Guy Claxton: ” Modern Western culture has so neglected the intellectual unconscious – the undermind… that we no longer know that we have it, do not remember what it is for, and so cannot find it when we need it. We do not think of the unconscious as a valuable resource, but (if we think of it at all) as a wild and unruly ‘thing’ that threatens our reason and control.”
The same then can surely apply to sport. If we over process what are the implications? And what are they if we simply just let things ‘flow’ (see blog on daydreaming) and can we learn from coaches without necessarily showing them that we have learnt something immediately. In my (modest) playing days it often took a few weeks for ideas presented in training to actually come to consciousness during matches. If I struggled with a certain aspect during match time I might try to think of a solution and it would be then that my mind would return to what information had been given in training. For example, as a centre forward who often stood behind a defender and expected a miracle pass from a defender/midfielder, I eventually remembered what I had been told about ‘showing for the ball’ taking the defender away and then dropping into the vacated space to receive a pass. When this became successful, it became stored and repeated. Next, I would keep giving the ball away, so my next remembered solution would be to make the right decision about whether to try to turn the defender (if space existed between me and them) or hold the ball up and bring others into play. So this was a gradual process and reflects the need for players to be able to make and learn from their own mistakes (see blog on mistakes) and be given the correct feedback in the correct way (according to their preferences – are they an ‘arm round the shoulder’ player or one that likes that metaphorical ‘kick up the backside’).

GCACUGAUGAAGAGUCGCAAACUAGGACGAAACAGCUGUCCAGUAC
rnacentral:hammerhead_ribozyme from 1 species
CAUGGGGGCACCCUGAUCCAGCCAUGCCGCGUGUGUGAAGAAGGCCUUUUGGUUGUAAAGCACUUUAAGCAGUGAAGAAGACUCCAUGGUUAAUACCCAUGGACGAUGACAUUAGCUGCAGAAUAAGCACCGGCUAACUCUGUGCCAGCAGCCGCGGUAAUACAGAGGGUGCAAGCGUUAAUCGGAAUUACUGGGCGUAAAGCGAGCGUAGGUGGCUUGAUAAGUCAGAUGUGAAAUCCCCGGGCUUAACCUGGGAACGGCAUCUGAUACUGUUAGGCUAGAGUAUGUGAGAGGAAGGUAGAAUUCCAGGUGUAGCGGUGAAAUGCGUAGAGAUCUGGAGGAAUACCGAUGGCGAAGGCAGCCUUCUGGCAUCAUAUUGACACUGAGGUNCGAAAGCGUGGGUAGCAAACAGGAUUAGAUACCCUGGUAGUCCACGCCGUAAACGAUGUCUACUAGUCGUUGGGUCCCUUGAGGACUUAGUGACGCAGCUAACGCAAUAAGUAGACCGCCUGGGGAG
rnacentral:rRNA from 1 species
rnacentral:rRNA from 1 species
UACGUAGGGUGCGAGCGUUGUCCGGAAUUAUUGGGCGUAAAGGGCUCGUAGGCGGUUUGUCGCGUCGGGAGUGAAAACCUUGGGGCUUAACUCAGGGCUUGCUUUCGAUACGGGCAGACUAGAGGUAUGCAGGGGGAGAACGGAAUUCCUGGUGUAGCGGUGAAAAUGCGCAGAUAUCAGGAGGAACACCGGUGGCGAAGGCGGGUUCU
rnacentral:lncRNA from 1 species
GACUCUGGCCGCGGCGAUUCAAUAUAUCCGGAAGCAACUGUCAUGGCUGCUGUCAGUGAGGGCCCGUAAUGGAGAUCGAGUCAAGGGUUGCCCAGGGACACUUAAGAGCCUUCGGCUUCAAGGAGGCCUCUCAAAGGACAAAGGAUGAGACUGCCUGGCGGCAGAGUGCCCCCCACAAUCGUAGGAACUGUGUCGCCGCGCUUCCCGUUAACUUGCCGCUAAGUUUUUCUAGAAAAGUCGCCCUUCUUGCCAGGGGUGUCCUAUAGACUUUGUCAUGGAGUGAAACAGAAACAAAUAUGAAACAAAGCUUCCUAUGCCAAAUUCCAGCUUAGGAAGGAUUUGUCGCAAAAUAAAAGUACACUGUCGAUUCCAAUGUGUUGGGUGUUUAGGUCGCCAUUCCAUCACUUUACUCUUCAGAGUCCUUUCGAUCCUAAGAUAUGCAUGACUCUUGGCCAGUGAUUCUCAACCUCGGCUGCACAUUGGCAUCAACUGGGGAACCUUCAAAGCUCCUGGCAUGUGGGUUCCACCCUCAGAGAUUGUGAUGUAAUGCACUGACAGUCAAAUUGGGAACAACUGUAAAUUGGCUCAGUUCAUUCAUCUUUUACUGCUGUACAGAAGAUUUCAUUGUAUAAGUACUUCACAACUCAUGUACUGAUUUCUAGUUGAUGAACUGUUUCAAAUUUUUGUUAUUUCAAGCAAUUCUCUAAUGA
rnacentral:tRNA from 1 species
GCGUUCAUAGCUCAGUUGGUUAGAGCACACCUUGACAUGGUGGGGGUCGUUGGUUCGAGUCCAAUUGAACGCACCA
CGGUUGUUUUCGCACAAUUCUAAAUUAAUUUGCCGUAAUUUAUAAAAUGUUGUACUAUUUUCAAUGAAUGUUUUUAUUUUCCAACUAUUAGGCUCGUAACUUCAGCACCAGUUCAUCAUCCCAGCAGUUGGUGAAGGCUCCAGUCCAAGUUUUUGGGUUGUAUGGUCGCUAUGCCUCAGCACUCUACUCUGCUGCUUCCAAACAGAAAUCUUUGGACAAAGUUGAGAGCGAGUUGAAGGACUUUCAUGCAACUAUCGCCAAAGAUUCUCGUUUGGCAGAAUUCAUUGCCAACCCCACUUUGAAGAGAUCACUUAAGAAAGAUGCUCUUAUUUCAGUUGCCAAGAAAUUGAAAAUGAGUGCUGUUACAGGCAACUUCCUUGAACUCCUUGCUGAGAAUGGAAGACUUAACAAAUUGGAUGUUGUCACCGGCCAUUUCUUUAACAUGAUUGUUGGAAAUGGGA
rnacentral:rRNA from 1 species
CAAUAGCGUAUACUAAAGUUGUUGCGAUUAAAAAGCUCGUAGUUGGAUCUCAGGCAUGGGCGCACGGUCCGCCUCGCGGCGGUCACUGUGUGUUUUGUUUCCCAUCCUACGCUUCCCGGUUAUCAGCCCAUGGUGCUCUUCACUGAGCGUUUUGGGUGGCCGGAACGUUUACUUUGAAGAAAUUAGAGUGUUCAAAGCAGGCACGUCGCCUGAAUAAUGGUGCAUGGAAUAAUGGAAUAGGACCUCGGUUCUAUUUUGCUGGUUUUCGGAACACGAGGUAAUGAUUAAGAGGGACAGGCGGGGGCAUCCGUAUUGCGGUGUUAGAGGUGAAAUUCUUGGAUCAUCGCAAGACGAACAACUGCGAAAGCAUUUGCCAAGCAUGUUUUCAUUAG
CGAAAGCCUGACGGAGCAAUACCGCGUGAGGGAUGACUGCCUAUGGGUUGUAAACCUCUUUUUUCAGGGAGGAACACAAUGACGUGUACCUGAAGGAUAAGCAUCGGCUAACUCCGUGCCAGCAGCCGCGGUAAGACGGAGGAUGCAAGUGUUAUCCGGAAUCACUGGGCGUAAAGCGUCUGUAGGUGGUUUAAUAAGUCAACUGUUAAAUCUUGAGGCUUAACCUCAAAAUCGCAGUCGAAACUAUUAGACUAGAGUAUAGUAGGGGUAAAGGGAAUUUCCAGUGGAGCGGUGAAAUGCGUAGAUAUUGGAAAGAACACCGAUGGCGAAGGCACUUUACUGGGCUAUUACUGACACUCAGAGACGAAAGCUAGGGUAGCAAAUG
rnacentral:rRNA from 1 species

The important part of this is that the players (whether junior or older) are given the time to assimilate new information into their memories and aren’t forced to try and ‘over-think’ in D-mode. This way of thinking can be damaging. Using the conscious part of the brain (rather than the stored memories) can cause increases in arousal and anxiety (see blog on being in the zone for catastrophe theory and IZOF) leading to a fear of failure and ultimately choking: